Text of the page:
NEVER SAY: Outsourcing
INSTEAD SAY: Taxation, Regulation, Litigation, Innovation, Education
When you use the words of your oppositions you are basically accepting their definition and therefore their conclusion. We should NEVER use the word outsourcing because we will then be asked to defend or end the practice of allowing companies to ship American jobs overseas. Rather, we should talk about the “root cause” why any company would not want to hire “the best workers in the world.” And the answer: “over-taxation, over-regulation, too much litigation, and not enough innovation or quality education.” Because it rhymes, it will be remembered.
7. Undocumented Workers – Illegal Aliens
NEVER SAY: Undocumented Workers
INSTEAD SAY: Illegal Aliens
The Dems have adopted the phrase “undocumented worker” but you shouldn’t. Call them exactly what they are. In fact, instead of addressing “immigration reform, “which polarizes Americans, you should be talking about “border security” issues. Securing our borders and our people has universal support.
8. Foreign Trade – International Trade
NEVER SAY: Foreign Trade
INSTEAD SAY: International Trade
For many reasons unrelated to this issue, the word “foreign” conjures up negative images. Americans simply don’t like “foreign oil,” or “foreign products” or “foreign nationals.” International is a more positive concept than either foreign or global.
9. Drilling for oil – Exploring for energy
NEVER SAY: Drilling for oil
INSTEAD SAY: Exploring for energy
It’s the picture people paint in their minds, the difference between an old-fashioned oilrig that gushes up black goop vs. 21st Century technology and innovation that provides us the ability to heat our homes and drive our cars. When you talk about energy, use words like “responsible” and “balanced” and always address your concern for the environment.
10. Tort Reform – Lawsuit Abuse Reform
NEVER SAY: Tort Reform
INSTEAD SAY: Lawsuit Abuse Reform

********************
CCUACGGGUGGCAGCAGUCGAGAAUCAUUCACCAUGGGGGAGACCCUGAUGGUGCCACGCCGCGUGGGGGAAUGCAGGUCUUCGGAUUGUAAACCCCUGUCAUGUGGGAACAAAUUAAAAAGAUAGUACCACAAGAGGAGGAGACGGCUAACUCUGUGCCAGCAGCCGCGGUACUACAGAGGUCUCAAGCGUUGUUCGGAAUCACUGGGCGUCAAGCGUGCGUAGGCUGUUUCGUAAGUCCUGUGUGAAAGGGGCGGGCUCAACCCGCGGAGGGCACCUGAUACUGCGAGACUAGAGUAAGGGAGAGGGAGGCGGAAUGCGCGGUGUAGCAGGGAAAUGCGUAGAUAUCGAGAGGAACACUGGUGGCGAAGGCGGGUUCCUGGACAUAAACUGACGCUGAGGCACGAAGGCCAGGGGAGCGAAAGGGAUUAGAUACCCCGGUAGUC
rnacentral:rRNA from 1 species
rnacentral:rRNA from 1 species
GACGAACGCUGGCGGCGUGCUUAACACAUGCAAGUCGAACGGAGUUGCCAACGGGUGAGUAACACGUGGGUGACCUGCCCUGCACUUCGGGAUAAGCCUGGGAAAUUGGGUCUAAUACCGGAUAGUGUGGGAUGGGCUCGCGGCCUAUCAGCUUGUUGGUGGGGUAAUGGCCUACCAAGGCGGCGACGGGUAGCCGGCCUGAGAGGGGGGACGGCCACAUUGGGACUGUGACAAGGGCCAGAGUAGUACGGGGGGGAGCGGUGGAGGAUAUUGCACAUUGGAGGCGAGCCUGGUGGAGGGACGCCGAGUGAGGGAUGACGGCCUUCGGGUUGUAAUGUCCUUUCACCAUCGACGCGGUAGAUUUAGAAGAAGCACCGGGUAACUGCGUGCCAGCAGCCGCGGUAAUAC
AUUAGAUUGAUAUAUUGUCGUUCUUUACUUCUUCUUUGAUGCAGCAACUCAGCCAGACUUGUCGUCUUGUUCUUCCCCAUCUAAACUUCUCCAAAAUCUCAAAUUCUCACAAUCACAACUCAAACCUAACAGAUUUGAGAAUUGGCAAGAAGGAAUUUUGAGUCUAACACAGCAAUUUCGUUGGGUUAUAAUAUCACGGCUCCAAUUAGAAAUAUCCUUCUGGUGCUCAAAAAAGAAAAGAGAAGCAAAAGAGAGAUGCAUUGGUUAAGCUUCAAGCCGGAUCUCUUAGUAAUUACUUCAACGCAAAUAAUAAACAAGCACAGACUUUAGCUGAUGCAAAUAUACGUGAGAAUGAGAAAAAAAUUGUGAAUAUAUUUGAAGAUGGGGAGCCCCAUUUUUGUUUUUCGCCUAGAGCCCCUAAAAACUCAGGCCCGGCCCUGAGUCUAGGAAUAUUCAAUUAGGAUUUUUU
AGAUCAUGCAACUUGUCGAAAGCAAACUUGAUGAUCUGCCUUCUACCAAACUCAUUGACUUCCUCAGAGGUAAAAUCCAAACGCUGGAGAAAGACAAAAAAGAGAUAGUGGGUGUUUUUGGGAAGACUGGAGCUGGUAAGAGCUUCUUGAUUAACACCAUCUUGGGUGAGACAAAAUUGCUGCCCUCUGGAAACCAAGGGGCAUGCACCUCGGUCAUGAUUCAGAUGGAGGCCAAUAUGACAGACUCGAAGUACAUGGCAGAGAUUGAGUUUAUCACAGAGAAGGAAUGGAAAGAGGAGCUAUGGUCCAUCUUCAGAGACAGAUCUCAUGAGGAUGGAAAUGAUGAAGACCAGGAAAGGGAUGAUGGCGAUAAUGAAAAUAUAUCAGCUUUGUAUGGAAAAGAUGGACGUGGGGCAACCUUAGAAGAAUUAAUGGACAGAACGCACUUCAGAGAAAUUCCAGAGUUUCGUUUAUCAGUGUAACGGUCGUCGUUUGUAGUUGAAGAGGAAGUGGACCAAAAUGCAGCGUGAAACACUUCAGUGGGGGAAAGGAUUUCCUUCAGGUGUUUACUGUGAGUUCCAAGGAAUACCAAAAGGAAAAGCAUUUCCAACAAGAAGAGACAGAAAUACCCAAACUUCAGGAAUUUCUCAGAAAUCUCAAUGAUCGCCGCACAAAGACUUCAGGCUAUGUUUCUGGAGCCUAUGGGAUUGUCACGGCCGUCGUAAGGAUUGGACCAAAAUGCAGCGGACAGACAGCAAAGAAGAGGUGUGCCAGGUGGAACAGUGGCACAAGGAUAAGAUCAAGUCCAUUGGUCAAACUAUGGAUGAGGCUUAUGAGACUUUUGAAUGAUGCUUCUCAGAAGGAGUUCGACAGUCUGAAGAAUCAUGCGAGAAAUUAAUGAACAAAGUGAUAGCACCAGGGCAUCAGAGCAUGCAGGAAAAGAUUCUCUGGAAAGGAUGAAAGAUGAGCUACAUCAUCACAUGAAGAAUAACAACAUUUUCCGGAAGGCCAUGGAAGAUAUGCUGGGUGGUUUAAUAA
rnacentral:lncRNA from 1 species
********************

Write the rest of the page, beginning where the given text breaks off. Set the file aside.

The term “tort” has very little meaning to the average American, and at best reminds one of a French pastry. “Lawsuit Abuse” is something most Americans understand and resent. If you really want to make your case, add the word “frivolous.”
11. Trial Lawyer – Personal Injury Lawyer
NEVER SAY: Trial Lawyer
INSTEAD SAY: Personal Injury Lawyer
It is hard to distrust a trial lawyer because we see them portrayed so favorably on L.A. Law and Law & Order. But personal injury lawyers, also known as ambulance chasers, remind people of those annoying, harassing commercials we see at 1:00 am cajoling us to sue someone. If you want to get the frill bang for the buck, call them “predatory personal injury lawyers.”
12. Corporate Transparency – Corporate Accountability
NEVER SAY: Corporate Transparency
INSTEAD SAY: Corporate Accountability
I constantly hear the need for “transparency” coming from members of the financial services industry as well as Members of Congress. But if you asked the American people, corporate accountability is a much higher priority. The fact is, a majority of Americans can’t even explain what transparency actually means. But everyone understands and demands accountability from all sectors of the economy … and the government.
13. School Choice – Parental Choice/Equal Opportunity in Education
NEVER SAY: School Choice
INSTEAD SAY: Parental Choice/Equal Opportunity in Education
Americans are still evenly split over whether they support “school choice” in America’s schools. But they are heavily in favor of “giving parents the right to choose the schools that are right for their children,” and there is almost universal support for “equal opportunity in education.” So frame the issue right and you get the support you need.
14. Healthcare “Choice” – “The Right to Choose”
NEVER SAY: Healthcare “Choice”
INSTEAD SAY: “The Right to Choose”
This is an important nuance so often lost on political officials. Almost all Americans want “the right to choose the healthcare plan, hospital, doctor and prescription drug plan that is best for them,” but far fewer Americans actually want to make that choice, In fact the older you get, the less eager you are to have a wide range of choices, One reason why the prescription drug card earned only qualified public support was that it offered too many choices and therefore created too much confusion for too many senior citizens.
Read the whole playbook here.